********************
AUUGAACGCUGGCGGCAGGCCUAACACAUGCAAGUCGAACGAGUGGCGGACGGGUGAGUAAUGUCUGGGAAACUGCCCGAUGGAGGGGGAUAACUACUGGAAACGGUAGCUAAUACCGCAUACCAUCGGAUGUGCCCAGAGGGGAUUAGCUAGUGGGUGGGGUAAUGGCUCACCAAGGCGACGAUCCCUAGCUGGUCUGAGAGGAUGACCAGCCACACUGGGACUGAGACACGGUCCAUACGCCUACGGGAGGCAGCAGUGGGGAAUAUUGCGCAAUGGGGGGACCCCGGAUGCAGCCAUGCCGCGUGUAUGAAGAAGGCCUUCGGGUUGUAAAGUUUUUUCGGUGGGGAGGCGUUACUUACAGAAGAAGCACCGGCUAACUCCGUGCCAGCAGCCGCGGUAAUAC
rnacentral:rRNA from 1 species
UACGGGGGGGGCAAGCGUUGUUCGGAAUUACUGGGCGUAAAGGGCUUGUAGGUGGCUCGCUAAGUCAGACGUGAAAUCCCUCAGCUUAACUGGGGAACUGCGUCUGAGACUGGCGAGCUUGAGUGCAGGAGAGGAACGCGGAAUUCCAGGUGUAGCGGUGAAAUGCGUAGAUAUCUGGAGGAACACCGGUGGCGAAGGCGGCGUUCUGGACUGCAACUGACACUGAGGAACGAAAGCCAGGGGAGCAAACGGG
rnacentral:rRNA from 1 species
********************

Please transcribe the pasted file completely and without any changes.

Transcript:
AUUGAACGCUGGCGGCAGGCCUAACACAUGCAAGUCGAACGAGUGGCGGACGGGUGAGUAAUGUCUGGGAAACUGCCCGAUGGAGGGGGAUAACUACUGGAAACGGUAGCUAAUACCGCAUACCAUCGGAUGUGCCCAGAGGGGAUUAGCUAGUGGGUGGGGUAAUGGCUCACCAAGGCGACGAUCCCUAGCUGGUCUGAGAGGAUGACCAGCCACACUGGGACUGAGACACGGUCCAUACGCCUACGGGAGGCAGCAGUGGGGAAUAUUGCGCAAUGGGGGGACCCCGGAUGCAGCCAUGCCGCGUGUAUGAAGAAGGCCUUCGGGUUGUAAAGUUUUUUCGGUGGGGAGGCGUUACUUACAGAAGAAGCACCGGCUAACUCCGUGCCAGCAGCCGCGGUAAUAC
rnacentral:rRNA from 1 species
UACGGGGGGGGCAAGCGUUGUUCGGAAUUACUGGGCGUAAAGGGCUUGUAGGUGGCUCGCUAAGUCAGACGUGAAAUCCCUCAGCUUAACUGGGGAACUGCGUCUGAGACUGGCGAGCUUGAGUGCAGGAGAGGAACGCGGAAUUCCAGGUGUAGCGGUGAAAUGCGUAGAUAUCUGGAGGAACACCGGUGGCGAAGGCGGCGUUCUGGACUGCAACUGACACUGAGGAACGAAAGCCAGGGGAGCAAACGGG
rnacentral:rRNA from 1 species